Proposals to loosen planning rules to make it easier to build houses "drives a coach and horses" through conservation efforts, a Dartmoor boss says.
The government is consulting on new legislation that could allow landowners to convert barns into houses without planning permission.
Kevin Bishop, chief executive of the Dartmoor National Park Authority (DNPA), said the move could significantly weaken the authority's conservation powers.
The BBC contacted the Department for Levelling Up, Housing and Communities for comment.
The proposals, aimed at "removing the time and money needed to submit a planning application", could also remove a requirement that shopfronts should be vacant for at least three continuous months before they are turned into homes.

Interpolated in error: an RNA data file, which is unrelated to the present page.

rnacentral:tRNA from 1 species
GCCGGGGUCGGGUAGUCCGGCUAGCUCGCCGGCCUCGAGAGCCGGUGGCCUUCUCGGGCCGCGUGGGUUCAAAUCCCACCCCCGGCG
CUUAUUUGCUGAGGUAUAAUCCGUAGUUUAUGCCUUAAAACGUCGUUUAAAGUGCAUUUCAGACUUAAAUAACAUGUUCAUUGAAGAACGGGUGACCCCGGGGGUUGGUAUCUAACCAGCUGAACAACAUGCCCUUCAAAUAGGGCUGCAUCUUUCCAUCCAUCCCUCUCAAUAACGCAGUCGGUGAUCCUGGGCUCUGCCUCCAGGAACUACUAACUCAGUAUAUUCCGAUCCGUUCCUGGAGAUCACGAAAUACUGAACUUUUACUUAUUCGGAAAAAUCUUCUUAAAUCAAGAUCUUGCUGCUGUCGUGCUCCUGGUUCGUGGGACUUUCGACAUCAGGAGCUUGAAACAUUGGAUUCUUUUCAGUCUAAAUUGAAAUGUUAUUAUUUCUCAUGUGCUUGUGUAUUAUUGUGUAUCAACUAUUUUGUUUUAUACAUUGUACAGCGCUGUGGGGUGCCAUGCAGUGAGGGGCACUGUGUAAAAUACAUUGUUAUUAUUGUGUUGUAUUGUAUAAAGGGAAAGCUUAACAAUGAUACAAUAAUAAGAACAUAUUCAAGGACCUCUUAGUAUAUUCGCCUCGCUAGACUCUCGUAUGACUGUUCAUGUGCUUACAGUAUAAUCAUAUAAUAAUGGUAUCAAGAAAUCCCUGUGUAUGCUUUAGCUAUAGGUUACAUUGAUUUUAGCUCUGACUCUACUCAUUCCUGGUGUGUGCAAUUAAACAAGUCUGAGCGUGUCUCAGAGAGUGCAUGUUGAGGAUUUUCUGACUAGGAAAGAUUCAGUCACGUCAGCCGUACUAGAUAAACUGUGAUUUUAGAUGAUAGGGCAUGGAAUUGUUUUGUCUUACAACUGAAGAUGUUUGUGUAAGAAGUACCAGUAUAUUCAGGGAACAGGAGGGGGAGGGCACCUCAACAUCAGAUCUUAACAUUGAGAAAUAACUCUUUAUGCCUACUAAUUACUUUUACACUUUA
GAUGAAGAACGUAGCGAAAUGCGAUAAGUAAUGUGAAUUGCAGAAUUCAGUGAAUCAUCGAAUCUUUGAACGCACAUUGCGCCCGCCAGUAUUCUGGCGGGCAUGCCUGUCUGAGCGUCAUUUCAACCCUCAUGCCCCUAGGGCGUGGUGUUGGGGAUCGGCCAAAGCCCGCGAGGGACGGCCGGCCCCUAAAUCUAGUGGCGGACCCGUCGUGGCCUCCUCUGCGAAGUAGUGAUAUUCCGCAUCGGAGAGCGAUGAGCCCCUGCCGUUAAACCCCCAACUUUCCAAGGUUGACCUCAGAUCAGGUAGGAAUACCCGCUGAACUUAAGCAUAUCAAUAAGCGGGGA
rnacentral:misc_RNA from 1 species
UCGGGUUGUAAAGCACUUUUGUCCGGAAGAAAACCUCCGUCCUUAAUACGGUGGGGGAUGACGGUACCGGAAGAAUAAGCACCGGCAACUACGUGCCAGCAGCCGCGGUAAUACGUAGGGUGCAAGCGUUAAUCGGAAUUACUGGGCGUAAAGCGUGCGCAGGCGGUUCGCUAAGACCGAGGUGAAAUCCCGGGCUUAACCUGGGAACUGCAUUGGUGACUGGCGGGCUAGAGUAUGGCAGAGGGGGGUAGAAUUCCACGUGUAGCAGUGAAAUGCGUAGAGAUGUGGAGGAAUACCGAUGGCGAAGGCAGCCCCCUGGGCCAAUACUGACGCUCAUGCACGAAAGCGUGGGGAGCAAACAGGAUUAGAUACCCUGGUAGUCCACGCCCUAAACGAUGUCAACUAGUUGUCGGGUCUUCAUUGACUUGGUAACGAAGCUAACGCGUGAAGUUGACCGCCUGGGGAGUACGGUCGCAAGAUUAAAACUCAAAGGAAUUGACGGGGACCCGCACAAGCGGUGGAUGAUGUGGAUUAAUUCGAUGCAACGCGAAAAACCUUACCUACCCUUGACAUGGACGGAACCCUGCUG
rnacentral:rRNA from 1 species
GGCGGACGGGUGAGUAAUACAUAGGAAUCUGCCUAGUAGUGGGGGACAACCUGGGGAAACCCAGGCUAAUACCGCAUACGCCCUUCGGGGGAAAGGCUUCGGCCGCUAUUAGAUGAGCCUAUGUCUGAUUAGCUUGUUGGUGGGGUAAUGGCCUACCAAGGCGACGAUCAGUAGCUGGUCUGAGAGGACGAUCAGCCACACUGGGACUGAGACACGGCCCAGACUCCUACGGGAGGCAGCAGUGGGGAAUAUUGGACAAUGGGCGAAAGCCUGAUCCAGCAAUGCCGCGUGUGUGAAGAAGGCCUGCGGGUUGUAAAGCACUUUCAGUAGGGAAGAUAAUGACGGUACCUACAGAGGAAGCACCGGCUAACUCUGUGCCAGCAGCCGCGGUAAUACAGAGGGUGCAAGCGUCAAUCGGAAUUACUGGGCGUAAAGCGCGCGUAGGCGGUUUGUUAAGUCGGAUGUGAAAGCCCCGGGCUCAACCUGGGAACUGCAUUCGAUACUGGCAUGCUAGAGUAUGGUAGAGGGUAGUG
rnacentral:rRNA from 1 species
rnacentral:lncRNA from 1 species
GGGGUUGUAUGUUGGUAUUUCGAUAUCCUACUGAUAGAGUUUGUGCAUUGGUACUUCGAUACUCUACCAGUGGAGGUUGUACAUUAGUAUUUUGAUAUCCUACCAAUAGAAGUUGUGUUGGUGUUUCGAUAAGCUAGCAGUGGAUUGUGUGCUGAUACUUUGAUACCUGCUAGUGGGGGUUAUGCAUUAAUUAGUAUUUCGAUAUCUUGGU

The plan has been linked to government attempts to find ways to increase housebuilding in the face of a national housing shortage
But Mr Bishop said the proposals favoured development over environmental protection.
"Basically it drives a coach and horses through the powers that we have to protect Dartmoor for future generations," he said.
"On one level it's a charter for speculators and developers - it's not a charter for conservation and our communities."
High street businesses the BBC spoke to in Ashburton, on Dartmoor's southern edge, also expressed concern.
Tess Coulson, of Tess Designs, said: "We enjoy our town as it is and we don't want it spoiled by a lot of different developments."
Reuben Lenkiewicz, from Reuben Lenkiewicz Fine Art and Jewellery Gallery, said it was a "complicated issue".
He said: "Obviously people need housing, however if you lose the uniqueness of a town like Ashburton, then you lose the reason for people wanting to go there and visit."
Karen Dinnie, of Quirky Bird, said she preferred the DNPA to make local decisions "rather than somebody in Westminster".
The consultation is open until 25 September.